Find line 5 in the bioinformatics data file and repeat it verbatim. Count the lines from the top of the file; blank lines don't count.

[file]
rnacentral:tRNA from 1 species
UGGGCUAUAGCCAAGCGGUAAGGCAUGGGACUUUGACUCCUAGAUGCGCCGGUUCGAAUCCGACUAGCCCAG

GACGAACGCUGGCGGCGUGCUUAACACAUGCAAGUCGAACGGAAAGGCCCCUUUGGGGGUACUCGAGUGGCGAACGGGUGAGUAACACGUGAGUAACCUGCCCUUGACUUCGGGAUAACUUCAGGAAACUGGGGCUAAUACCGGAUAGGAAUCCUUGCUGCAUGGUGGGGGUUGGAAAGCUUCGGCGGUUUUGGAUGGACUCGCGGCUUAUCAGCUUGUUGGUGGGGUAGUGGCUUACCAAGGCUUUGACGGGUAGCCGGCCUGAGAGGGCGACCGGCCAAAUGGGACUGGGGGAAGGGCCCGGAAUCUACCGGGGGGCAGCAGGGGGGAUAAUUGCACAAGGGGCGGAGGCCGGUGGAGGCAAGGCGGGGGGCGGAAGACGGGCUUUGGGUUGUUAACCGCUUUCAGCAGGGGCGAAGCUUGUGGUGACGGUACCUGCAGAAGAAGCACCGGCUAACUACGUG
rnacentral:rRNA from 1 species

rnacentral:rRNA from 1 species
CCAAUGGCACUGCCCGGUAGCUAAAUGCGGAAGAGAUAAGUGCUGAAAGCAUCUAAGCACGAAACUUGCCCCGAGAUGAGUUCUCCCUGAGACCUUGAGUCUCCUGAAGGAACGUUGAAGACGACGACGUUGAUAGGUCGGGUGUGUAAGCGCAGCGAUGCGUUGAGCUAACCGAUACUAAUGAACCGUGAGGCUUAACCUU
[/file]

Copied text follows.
rnacentral:rRNA from 1 species